More cell division will occur in the uterus, leading to the formation of a hollow ball of cells called a blastocyst. In about 8 weeks, this will become the embryo. For now, though, it is a group of about 100 cells that are growing and multiplying rapidly. The cells on the outer layer will become the placenta while the cells in the inner layer become the embryo over the next weeks.

What to expect for mom to be

At this stage of pregnancy, you will not notice any changes in your body. Note that you will also not have missed your period yet. However, hormones will signal your body to cease the menstruation process and support your pregnancy.

That said, you may experience more of the symptoms you had in week 2, including increased urination, moodiness, swollen and tender breasts, bloating, and fatigue. These symptoms occur because your body is producing more estrogen and progesterone hormones. You may also experience cramping and spotting caused by the implantation of the zygote into the uterine wall.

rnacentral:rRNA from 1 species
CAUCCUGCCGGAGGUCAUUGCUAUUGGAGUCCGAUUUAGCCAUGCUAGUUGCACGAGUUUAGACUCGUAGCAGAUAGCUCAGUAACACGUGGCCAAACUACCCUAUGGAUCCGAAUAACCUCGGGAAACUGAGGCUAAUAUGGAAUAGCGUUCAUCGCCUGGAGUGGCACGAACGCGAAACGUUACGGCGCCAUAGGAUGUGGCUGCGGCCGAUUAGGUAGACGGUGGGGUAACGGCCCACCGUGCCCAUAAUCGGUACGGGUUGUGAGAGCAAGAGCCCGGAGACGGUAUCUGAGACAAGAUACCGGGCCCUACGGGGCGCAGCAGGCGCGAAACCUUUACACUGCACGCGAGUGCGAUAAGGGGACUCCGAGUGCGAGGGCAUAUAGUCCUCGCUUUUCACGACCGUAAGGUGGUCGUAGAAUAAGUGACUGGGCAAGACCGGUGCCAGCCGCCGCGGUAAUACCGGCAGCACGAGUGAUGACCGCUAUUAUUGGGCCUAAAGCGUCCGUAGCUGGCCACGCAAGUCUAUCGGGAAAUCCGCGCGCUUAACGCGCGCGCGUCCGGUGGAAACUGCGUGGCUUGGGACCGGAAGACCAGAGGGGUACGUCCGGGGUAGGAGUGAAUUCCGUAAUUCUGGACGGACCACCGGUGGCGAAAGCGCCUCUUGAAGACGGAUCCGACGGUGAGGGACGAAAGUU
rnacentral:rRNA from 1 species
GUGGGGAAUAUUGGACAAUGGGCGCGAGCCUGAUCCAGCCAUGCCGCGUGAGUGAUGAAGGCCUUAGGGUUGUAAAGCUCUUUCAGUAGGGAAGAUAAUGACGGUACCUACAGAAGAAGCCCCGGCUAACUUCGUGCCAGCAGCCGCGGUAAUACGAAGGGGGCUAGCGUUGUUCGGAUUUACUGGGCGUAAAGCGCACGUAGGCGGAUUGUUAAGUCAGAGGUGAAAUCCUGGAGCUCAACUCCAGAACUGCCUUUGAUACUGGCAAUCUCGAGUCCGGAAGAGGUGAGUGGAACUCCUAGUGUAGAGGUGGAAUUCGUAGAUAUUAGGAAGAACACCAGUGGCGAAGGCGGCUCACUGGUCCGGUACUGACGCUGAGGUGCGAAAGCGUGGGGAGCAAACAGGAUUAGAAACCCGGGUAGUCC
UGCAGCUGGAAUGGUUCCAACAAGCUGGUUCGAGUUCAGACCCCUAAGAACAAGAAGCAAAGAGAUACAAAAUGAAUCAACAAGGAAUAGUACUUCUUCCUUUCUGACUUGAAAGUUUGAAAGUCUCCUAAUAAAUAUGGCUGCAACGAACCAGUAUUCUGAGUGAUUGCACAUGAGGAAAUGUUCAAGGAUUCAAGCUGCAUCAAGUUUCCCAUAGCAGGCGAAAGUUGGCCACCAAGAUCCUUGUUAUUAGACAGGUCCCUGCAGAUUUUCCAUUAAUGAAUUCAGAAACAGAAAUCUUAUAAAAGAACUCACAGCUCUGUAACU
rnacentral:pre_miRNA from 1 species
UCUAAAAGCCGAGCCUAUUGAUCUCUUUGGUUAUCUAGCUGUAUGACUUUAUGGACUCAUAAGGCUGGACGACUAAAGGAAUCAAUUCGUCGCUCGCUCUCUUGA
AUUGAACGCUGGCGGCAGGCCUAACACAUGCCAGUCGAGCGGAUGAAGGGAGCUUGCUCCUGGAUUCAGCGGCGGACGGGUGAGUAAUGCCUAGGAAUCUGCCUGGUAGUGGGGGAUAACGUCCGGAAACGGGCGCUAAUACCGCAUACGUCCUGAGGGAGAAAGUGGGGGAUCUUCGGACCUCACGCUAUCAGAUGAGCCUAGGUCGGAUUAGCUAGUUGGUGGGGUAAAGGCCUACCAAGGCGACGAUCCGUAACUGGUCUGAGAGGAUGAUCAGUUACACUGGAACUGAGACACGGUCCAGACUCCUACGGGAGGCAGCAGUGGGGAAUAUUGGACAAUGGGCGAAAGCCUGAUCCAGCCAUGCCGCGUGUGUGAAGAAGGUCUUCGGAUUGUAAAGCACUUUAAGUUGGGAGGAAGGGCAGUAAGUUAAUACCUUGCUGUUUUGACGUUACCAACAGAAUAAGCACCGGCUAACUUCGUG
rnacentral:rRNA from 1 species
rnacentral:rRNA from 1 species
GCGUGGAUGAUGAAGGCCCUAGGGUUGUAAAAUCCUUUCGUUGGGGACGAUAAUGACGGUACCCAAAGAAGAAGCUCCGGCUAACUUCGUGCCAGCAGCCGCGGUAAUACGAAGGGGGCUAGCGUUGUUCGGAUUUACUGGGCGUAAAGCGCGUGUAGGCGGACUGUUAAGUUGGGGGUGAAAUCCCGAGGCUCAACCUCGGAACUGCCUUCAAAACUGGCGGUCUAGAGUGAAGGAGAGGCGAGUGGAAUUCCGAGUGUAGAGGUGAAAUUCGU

Some women also notice some white vaginal discharge as the uterine walls thicken. Because of this, it is easy to confuse these early symptoms with normal PMS symptoms. Plus, if you take a pregnancy test now, you may get a negative result because your hCG hormone levels are still not high enough to register on the test. Give it another week or so then try again.

Tip of the week

If you have not started already, prenatal vitamins should be at the top of your to-do list. Take at least 400 mcg/day to give your little on a developmental boost. Also, ensure you are getting other essential vitamins and minerals from your diet, including calcium, iron, DHA, and Vitamin D.

Week 4

What to expect for baby

Implantation occurs sometime in week 3, so by week 4, your growing baby will have burrowed into your uterine lining. By now, the embryo has two layers of cells known as the epiblast and the hypoblast. Your baby is about as a poppy seed. Be sure to reach out to your health care provider and start scheduling prenatal visits. 

What to expect for mom to be

You may be expecting your period this week. If it fails to occur, this could be a sign of pregnancy. Consider taking a home pregnancy test just to be sure. By the end of week 4, most home pregnancy tests will be positive.

You may also experience slight spotting as the implantation process comes to an end. Your baby’s amniotic cavity will be full of fluid, and the placenta will be forming in your womb.